COMPANY LAW BOARD, CHENNAI BENCH
Rajendra G. Patel
Sanghi Industries Ltd.
KANTHI NARAHARI, JUDICIAL MEMBER
CP No. 377 of 2012
Date of Pronouncement – 28.09.2012
1. The present application is filed u/s 163(6) of the Companies Act, 1956 praying this Bench to allow the petitioner to inspect, inter alia, all the Registers including Register of Members, Register of Share Application, Register of Transfer and copy of Certificates and other documents in terms of provisions of Section 163 of the Act, since incorporation of the company. Shri P. Sriram, learned PCS appearing for the petitioner submitted that the petitioner is a shareholder and member of the company holding one hundred equity shares of Rs. 10/- each. The petitioner with intent to inspect the statutory records of the company in terms of Section 163 of the Act, visited the Registered Office of the company on 01.02.2012 at 12 noon. When the petitioner visited it was observed that there is no display of name, address and the location of the company for easy identification. After so much of efforts, the petitioner was able to contact the company secretary of the company over phone, Thereafter, the petitioner sent an e-mail to the company seeking inspection of the registers and records. The petitioner had corresponded through e-mail to the company’s e-mail address but there is no response from the company. As a last effort, the petitioner sent an e-mail on 07.02.2012 requesting the respondent company to permit the petitioner for inspecting the registers and records. The company remained silent and did not reply to his e-mail. In view of the reasons, having no other alternate, the petitioner approached this Bench seeking directions to the respondents to provide inspection to the petitioner as per law.
2. The respondent company filed a counter to the application. Shri Gowtham Kumar, learned counsel appearing for the respondent company submitted that the petitioner approached this Bench with unclean hands and not entitled to any discretionary relief, more so, for any relief that would make the petitioner entitled to be in possession of confidential and important records of the company. He further submitted that the petitioner acquired one hundred equity shares only in the week ended 27.01.2012 at an investment of Rs. 1,600/-only and it appears that the shares have been acquired to only harass the company by seeking several documents for inspection. The petitioner, by attempting to look into the records with the Registrar and Share Transfer Register is in fact seeking to surreptitiously gather information regarding the beneficial owners and all other confidential information regarding the members of the company which the petitioner wants to get hold of only to act against the interests of the company and its shareholders in which he has become a shareholder. He further submitted that as regards the legal position and the precedents referred to and relied upon by the petitioner, it is submitted that the rights conferred under Section 163(6) are neither absolute nor unqualified. Therefore these rights are discretionary which are subject to orders of this Bench. The petitioner, under the guise of being a shareholder, is seeking to assist the competitors and persons who have been acting against the interests of the respondent company. If the petitioner is seeking for any right as a shareholder, then the same would be available to the petitioner. In view of the reasons stated above, the application is liable to be dismissed.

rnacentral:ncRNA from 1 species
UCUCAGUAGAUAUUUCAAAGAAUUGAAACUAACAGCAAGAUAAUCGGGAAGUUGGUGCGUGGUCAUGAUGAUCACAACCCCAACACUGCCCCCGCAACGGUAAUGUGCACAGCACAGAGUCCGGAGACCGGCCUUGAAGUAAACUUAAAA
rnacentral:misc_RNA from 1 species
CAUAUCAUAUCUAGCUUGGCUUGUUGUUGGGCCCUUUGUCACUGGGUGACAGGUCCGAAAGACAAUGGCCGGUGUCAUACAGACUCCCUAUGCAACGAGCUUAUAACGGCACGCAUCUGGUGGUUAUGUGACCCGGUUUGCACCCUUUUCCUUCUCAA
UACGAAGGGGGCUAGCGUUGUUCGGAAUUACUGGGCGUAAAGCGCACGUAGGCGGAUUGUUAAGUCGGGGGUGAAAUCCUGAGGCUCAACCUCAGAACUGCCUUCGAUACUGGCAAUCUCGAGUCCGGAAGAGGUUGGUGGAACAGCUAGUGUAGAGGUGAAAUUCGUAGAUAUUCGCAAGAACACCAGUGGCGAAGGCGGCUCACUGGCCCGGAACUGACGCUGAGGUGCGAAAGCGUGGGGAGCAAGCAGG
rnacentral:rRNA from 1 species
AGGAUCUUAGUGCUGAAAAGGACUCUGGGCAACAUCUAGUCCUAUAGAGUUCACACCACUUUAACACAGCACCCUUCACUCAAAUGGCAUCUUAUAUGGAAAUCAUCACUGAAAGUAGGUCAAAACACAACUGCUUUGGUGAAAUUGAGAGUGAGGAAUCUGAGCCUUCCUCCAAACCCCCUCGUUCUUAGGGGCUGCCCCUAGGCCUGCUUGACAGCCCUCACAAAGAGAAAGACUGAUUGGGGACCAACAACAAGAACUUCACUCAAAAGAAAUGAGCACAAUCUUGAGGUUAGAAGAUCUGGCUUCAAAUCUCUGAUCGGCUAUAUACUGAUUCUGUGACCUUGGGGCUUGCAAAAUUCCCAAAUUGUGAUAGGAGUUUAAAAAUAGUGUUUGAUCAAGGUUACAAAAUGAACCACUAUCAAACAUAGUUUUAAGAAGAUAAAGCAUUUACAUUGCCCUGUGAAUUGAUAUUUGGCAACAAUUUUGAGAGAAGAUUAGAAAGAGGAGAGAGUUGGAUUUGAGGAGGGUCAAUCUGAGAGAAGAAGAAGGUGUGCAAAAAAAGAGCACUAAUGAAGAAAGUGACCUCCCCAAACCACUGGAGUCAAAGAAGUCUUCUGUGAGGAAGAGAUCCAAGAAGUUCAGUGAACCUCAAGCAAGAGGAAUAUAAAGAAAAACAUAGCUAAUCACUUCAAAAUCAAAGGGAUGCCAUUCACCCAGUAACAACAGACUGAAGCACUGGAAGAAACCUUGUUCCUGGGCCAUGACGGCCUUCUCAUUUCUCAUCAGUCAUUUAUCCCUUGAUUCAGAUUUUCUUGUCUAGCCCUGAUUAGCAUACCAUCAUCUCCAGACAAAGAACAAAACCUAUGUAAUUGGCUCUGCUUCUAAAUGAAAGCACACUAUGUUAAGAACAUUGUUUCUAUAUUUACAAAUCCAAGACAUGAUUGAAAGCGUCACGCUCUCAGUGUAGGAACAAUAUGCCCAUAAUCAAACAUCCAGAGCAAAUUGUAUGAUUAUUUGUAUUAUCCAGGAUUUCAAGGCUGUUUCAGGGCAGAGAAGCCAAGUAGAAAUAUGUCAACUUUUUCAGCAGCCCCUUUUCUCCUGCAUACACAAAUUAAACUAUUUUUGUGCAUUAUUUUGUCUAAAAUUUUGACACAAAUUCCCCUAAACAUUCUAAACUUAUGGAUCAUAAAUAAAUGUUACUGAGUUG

3. Heard the learned the PCS and the counsel for the parties and perused the pleadings, documents filed therein. There is no dispute by the respondent that the petitioner is not a shareholder. Furthermore, the respondent admitted the fact that the petitioner has acquired one hundred shares for a consideration of Rs. 1,600/-. from the application, it is evident that the petitioner made several attempts to the company seeking inspection of the statutory registers and records of the company. It is also not in dispute that the respondent company replied to the petitioner, from the extract of the correspondence made in the application by the petitioner, it is revealed that the company in their reply to the petitioner admitted the fact that he acquired one hundred shares in January, 2012 investing approximately Rs. 1,600/-. Further it is stated by the company that “within three days from the date of such recent and meagre investment, you have approached the Registrar of Companies, Andhra Pradesh, the Registered Office of the company and Registrars and Share Transfer Agents of the company and verified/tried to verify various sensitive records of the company. You have already sent us requests for inspection for records of the company in a very insistent and aggressive tone. We are unable to fathom the reasons for your sudden interest in the company and your attempts to gain access to sensitive records. In order to protect our company from any possible misuse of such sensitive data, we must know the reasons behind your request. Hence you are requested to intimate us the objective of your request for enabling us to look into the requests.” The petitioner, in his reply dated 07.02.2012 made to the company, clarified and relied upon a decision of the CLB wherein it was held that “a person seeking copies of the documents is not required to disclose his purpose. His statutory right cannot be denied even if his purpose is hostile to the company”. The stand of the company that the petitioner soon-after acquiring the shares in the company sought to inspect the documents without mentioning the purpose is totally unjustified and uncalled for. The statute provides a right to the member or debenture-holder for inspection of the statutory registers and records as contemplated u/s 163 of the Act. The inspection is allowed to a member or debenture-holder without fee and any other person on payment of such sum as may be prescribed for each inspection. The member or debenture-holder is also entitled to the extracts from any Register, index or copy referred to in sub-section (1) of Section 163 of the Act without fee or additional fee as the case may be. There is no bar to a member or debenture-holder seeking inspection or inspecting the documents irrespective of the fact as to when he became a member of the company. The right to inspect the documents of the company is a mandatory provision and failing to provide the same to a member or debenture-holder, the statute empowers the CLB to compel an immediate inspection of the documents or direct that the extract required shall forthwith be allowed to be taken by the person requiring it. As per the said provision, the petitioner approached this Bench by filing an application seeking directions to the respondent to provide for an inspection of the registers and records of the company. The stand of the respondent at para 10 of their counter contending that the rights conferred under sub-section (6) of Section 163 of the Act are neither absolute nor unqualified is a complete misinterpretation of the spirit behind this provision. The respondent company completely failed in discharging their statutory obligation. In view of the above reasons, 1 hereby direct the respondent company to allow the petitioner to inspect the statutory registers and records as prayed in sub-para (a) and (b) of para 8 of the application subject to provisions of Section 163 of the Companies Act, 1956, on any working day during the working hours. The petitioner shall intimate the company well in advance seeking the date and time of inspection of the documents, registers etc. With the above directions, the application is allowed only in respect of sub-para (a) and (b) of para 8 of the application. Accordingly, CP No.377/2012 stands disposed of. No orders as to costs.